“In gaz we trust”: a fake Russian energy company facilitating cybercrime
Readers of this blog already know that “the spinternet” – the world of fake blogs and social networks created to give some visible legitimization to propaganda efforts by governments and corporations – is one of my favorite research subjects. Russians have practiced the art of political astoturfing most skillfully. But it turns out that the ...
Readers of this blog already know that "the spinternet" - the world of fake blogs and social networks created to give some visible legitimization to propaganda efforts by governments and corporations - is one of my favorite research subjects.
Russians have practiced the art of political astoturfing most skillfully. But it turns out that the “spinternet empire” has now expanded to embrace cybercrime as well. Most curiously, the evil masterminds behind it seem quite eager to capitalize on the growing European fears of Kremlin-sanctioned “gas terror” (as we all know, those fears get particularly acute in citizens of certain Central European nations during winter time).
How else to explain the very existence of a web-site belonging to a fake Russian gas company (with a funky name of GazTranzitStroyInfo) that relies on rogue hosting providers to serve so-called “scareware” to unsuspecting visitors (as usual, Dancho Danchev does an excellent job of dissecting the entire campaign)? In simple terms, visitors to the company’s web-site are redirected to other sites which offer them (in very dramatic and fear-inducing) terms to download rogue software (often at a fee) that will ensure their computer doesn’t blow up and stays secure forever (quite often, this is also the only way to make your computer functional again).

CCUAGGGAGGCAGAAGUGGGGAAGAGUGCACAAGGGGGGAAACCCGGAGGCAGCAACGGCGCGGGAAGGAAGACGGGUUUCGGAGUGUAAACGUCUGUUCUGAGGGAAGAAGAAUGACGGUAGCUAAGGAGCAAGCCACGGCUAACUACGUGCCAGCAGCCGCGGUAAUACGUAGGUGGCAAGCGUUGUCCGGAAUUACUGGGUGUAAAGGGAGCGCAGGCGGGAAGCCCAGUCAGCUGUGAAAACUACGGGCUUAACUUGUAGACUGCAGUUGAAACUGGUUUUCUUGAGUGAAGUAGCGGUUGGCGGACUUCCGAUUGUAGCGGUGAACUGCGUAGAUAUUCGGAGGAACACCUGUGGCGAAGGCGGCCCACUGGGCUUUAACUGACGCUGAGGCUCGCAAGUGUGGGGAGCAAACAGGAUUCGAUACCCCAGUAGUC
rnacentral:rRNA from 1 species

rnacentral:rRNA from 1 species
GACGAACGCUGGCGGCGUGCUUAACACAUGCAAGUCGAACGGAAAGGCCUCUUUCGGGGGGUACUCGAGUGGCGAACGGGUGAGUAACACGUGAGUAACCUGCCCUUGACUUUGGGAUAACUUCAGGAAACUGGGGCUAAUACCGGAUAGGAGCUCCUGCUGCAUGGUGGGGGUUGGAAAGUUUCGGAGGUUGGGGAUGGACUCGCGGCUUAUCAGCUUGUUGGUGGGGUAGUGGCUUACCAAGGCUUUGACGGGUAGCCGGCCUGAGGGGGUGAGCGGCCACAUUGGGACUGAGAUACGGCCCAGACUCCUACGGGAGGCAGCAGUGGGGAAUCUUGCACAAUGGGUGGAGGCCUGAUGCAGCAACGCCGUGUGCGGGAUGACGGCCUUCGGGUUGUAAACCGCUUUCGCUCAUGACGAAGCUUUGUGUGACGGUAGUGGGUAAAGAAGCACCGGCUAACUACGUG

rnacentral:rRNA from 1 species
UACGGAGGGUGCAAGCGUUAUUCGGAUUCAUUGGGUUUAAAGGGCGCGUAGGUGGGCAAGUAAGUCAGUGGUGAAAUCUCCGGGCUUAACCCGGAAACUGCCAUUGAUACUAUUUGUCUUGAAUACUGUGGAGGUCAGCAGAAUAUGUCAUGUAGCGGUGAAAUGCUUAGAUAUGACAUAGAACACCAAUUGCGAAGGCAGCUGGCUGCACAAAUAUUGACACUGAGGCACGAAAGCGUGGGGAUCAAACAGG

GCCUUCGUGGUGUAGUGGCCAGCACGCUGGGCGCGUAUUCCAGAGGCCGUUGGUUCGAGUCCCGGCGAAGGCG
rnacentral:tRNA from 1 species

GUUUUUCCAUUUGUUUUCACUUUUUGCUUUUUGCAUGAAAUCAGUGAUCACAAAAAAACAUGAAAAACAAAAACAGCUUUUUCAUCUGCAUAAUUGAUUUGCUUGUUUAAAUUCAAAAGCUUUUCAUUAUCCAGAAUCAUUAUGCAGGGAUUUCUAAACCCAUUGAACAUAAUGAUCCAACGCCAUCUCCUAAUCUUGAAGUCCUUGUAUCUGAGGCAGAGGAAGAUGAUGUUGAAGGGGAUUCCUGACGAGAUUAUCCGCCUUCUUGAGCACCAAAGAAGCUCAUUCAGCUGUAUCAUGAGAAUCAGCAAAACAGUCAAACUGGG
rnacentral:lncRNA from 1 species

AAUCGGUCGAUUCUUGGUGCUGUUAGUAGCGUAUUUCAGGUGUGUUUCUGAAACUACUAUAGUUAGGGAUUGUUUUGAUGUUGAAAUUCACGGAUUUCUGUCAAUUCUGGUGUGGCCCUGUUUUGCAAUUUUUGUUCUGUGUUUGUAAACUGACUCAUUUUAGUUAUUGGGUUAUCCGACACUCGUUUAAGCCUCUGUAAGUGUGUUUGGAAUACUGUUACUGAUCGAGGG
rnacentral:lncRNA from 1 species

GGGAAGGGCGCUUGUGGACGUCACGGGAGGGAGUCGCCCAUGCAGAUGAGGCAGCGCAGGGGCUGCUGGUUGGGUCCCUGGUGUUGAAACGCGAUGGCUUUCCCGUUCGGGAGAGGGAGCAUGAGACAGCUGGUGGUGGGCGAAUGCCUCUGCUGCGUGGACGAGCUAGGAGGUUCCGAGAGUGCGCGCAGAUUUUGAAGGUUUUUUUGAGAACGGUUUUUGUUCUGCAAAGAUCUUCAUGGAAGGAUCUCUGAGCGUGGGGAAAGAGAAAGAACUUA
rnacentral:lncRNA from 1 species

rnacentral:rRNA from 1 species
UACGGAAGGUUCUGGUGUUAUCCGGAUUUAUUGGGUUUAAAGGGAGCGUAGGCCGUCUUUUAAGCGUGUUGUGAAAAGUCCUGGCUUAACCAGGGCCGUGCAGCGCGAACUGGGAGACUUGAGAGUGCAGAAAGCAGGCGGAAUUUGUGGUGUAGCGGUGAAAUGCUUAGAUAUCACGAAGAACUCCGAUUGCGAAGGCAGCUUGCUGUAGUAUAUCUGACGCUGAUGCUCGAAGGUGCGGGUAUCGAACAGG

Well, I could only say that combined with the prospect of “gas terror”, the very term “scareware” – a well-established term used by the cybersecurity industry – acquires a whole new geopolitical meaning (interestingly enough, the fake company’s motto is “In Gaz We Trust“). I wonder how this squares with the viral YouTube threat performed by the Russian military choir.
More from Foreign Policy
Can Russia Get Used to Being China’s Little Brother?
The power dynamic between Beijing and Moscow has switched dramatically.
Xi and Putin Have the Most Consequential Undeclared Alliance in the World
It’s become more important than Washington’s official alliances today.
It’s a New Great Game. Again.
Across Central Asia, Russia’s brand is tainted by Ukraine, China’s got challenges, and Washington senses another opening.
Iraqi Kurdistan’s House of Cards Is Collapsing
The region once seemed a bright spot in the disorder unleashed by U.S. regime change. Today, things look bleak.